This was all happening in the mid-1990’s. I was traveling an insane amount, allocating to hedge funds and private equity. Keep in mind that at that time, a large hedge fund was $200 million. Through my personal and business connections, I always had a deep, global network, and so, one night in London in 1995, I brought about eighteen families together in a private room at a restaurant to talk about asset allocation, managers, and such. This ended up being the first formal meeting of the soon-to-be Club b.

We ended up talking about a specific fund manager and then realizing that the people around the table were holding 83% of this manager’s offshore fund. At that time, things like cap intro or hedge fund databases weren’t even around. The business was much more relationship driven – everybody would exchange information and ideas. As investors, we also didn’t really care about 2 and 20 fees at that time because the managers were making 30 or 40% and also really protecting on the downside.

I continued meeting and working with other families, one in fact right here on the Cayman Islands. This taught me a lot about documents and corporate governance. In a way, my network helped me professionalize and build my own organization and investment procedures. For example, we now look at the offering documents first. Meeting a new manager can be a sexy thing, but if you don’t get past the documents, the whole exercise is to no avail.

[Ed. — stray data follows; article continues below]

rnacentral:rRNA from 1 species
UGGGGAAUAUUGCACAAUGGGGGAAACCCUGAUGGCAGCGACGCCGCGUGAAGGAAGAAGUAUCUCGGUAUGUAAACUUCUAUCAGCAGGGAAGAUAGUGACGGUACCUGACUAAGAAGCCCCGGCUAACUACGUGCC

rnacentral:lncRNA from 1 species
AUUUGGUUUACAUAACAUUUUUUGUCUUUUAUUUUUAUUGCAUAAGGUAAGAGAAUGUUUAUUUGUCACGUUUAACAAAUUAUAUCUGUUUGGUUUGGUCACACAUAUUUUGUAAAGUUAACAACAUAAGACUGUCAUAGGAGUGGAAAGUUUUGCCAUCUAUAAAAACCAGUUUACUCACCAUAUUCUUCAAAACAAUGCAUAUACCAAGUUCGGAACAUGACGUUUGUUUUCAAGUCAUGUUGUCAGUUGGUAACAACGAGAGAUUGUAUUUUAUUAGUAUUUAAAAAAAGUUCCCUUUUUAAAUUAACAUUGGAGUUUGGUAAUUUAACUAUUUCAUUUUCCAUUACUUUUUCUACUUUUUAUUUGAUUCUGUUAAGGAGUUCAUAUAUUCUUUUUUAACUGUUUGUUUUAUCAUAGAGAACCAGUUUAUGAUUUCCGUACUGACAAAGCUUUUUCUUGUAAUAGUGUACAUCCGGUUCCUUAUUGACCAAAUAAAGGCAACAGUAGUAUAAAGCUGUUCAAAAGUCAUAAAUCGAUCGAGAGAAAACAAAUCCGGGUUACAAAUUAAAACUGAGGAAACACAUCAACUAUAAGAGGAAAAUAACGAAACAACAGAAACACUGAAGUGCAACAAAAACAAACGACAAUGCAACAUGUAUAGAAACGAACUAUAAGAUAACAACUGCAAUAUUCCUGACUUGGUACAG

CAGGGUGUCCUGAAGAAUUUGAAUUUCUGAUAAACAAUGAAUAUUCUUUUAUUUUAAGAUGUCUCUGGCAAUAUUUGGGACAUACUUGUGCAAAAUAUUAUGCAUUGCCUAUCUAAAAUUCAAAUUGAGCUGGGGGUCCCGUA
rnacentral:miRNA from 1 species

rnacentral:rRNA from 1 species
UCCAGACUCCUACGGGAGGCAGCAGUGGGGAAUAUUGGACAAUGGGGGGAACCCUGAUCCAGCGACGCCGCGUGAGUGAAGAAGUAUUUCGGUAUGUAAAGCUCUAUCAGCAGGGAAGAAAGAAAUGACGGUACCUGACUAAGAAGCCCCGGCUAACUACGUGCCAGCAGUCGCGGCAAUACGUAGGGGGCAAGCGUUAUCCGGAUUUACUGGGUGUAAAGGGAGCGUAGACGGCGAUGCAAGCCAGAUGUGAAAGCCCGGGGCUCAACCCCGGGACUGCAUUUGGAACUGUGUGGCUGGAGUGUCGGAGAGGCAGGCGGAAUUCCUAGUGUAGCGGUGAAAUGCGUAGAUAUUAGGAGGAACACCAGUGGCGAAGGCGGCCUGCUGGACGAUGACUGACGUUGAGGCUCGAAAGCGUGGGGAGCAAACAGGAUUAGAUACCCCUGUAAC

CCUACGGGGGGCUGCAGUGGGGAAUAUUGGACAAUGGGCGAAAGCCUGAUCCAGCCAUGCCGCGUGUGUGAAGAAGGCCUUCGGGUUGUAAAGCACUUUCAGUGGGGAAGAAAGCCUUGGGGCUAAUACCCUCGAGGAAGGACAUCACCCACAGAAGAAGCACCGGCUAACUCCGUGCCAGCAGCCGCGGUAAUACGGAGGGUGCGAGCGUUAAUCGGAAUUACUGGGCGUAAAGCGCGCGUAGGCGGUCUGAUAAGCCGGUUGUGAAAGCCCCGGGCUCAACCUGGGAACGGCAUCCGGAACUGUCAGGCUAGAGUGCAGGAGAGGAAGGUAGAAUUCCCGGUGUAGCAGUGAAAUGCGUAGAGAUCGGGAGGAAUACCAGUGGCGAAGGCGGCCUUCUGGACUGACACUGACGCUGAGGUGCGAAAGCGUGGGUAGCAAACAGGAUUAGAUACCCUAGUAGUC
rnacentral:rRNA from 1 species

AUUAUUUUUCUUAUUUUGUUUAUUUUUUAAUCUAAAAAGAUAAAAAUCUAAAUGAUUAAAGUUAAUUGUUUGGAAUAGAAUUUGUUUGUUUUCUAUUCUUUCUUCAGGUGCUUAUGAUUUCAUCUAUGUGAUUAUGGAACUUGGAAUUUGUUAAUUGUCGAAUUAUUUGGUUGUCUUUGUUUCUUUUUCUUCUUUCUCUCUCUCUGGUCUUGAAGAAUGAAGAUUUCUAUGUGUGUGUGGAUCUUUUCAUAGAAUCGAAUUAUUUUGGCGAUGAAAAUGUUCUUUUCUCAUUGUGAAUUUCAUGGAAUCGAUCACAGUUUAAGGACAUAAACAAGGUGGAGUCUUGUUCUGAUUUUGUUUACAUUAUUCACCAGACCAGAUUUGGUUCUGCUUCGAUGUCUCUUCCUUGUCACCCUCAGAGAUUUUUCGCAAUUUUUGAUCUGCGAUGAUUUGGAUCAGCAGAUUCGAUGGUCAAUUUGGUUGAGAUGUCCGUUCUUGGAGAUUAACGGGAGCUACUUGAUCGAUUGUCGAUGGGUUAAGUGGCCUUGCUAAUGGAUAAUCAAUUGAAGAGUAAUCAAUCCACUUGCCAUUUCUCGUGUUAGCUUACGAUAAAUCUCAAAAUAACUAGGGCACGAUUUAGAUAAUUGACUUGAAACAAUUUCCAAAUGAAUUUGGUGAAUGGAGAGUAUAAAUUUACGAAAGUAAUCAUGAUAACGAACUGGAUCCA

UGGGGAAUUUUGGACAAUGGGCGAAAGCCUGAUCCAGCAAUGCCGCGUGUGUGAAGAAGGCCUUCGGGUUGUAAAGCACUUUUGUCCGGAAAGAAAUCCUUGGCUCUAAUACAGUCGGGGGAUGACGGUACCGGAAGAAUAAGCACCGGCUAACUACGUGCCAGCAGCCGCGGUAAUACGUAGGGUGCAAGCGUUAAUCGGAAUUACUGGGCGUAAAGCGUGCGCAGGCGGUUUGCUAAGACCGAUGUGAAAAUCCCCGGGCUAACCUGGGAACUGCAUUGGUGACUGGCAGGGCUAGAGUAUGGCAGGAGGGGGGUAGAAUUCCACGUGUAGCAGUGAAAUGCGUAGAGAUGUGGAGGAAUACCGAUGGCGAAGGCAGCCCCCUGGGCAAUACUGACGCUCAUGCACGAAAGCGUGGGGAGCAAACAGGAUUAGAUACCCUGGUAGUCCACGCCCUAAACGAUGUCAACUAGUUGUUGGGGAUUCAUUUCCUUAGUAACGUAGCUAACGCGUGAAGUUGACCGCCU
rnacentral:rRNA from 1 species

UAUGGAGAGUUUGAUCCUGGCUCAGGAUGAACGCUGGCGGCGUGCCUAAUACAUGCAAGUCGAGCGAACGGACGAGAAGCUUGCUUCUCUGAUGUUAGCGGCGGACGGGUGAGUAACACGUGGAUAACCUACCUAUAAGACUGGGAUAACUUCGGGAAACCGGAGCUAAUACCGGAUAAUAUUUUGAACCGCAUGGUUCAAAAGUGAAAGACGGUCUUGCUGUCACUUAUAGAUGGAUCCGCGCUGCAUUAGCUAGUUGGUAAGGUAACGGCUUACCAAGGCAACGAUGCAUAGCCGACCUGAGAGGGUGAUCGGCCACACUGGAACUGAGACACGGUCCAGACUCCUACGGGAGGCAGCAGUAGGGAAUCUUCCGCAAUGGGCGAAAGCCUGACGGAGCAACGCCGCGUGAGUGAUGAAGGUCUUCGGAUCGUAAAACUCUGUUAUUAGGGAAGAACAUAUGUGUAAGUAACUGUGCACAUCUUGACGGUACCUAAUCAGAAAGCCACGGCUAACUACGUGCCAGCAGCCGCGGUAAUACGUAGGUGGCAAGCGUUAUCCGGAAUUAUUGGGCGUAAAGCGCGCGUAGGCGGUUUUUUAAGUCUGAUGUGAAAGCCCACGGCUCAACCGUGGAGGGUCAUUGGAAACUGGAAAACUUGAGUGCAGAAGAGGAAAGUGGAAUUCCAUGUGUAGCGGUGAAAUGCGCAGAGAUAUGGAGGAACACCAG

Matthias Knab: Let’s go back to your family office meetings. How did the name Club b come about?

Peter Fletcher: I was having lunch with another family office in Chelsea, London in the mid-1990’s at a restaurant where Lady Diana supposedly often dined. It was a beautiful sunny day. After a nice bottle of chardonnay, we decided that we should set up a club because we had been meeting like this so many times already in all types of locations around the world. As we were in Europe, we thought it best to have a French name, so we called it the “Le Club,” and then we put the letter “b” after it to stand for ‘billionaire’ or ‘BS’. That is exactly how the name started, true story.

Then, we started to have ad hoc meetings around the world and in 2000 we decided to have a larger, conference-style meeting which has since become our signature event format.

We had our first formal conference with eighty families in Madrid in 2002 and now over seven- hundred families are part of Club b.

Matthias Knab: I know it is rare for you to speak publicly about Club b. Would you mind elaborating where Club b is heading these days? How are things developing within the organization?

Peter Fletcher: Yes, you are right – in twenty-four years, I have never given an interview about the Club b. It is rare because it is always my intention to maintain the strictly private and confidential ethos of the club.

The Club b is a thought leader and idea generator and is fortunate to have some of the world’s brightest allocators as members.

The wisdom of the collective Club b membership consistently provides fascinating and productive insights. For example, a lot of the investment themes we discuss come in different waves. At present, these discussions center around direct equity deals and people wanting to co-invest.